Democratic - 23/08/2006
More and more consumers are becoming familiar with products made by traditional manufacturers for the surveying, GPS and GIS world. High-end techniques of a few years ago are now available to the masses. It’s a development inherent to innovation. And it’s of all times. Think of the availability of the car: eighty years ago only the doctor and other town bigwigs were in a position to drive one - and look at it now. A more recent example is the spread of cellular phones; ten years ago the owner of such a device was an early adopter and now nearly every twelve-year-old is on constant stand-by via his or her mobile. You can file the same evolution for internet. Within a few years an innovation becomes a commodity - true technical democratisation.
Big news in these weeks is the acquisition of Thales Navigation by Shah Capital Partners. We’ve seen a lot of interest in companies working the conjunction of GPS, surveying and GIS. Remember the take-over of Vexcel by Microsoft and the take-over of Leica by Hexagon, just a few months ago? Thales Group has sold Thales Navigation in order to refocus on commercial markets including defence, aerospace, security and services. Undoubtedly very profitable markets for years to come, but I do also see why Thales Navigation is happy to move forward under the name ‘Magellan’, the brand it has already used for consumer devices such as navigation units.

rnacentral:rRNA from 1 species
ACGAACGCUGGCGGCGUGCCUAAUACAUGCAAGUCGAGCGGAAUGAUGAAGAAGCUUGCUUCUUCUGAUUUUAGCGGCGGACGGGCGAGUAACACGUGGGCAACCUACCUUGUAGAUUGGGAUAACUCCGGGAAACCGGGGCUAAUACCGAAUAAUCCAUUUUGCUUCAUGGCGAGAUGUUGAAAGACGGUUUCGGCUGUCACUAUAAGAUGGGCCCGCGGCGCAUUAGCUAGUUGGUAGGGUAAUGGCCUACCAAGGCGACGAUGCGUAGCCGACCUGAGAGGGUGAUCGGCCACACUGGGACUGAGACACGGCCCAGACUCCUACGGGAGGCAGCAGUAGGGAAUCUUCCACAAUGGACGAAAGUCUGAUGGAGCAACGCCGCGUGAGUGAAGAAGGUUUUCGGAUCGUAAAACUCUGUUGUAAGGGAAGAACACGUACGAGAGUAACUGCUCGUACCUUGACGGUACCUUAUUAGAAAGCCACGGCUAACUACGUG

Why? Well, let’s go back to the masses. Because what are the consequences of products and services once reserved for professionals now becoming known to large groups of consumers? One consequence of the rush by bikers and hikers to buy GPS handhelds, do-it-yourself carpenters to acquire measuring equipment, and the average internet user to get hold of mapping software is a sure boom in revenue growth for the business. Consumers are blowing profits sky-high. Secondly, the availability of all these new gadgets automatically creates in the consumer a hunger for more. More revenue creates a safe base for company R&D, the R&D departments create a safe base for new sales. It’s an economic wheel that has only just begun to turn and which will gain momentum over coming years.
This cycle might be the reason why Thales Navigation is rightly happy with the consumer focus aimed at by its new owner. Sales, revenue and profits will go up, quite evidently for consumer areas, but also for the professional market segment trading under the name of Magellan. More, this take-over might easily whip up developments within the company and cause a boost to the navigation industry as a whole.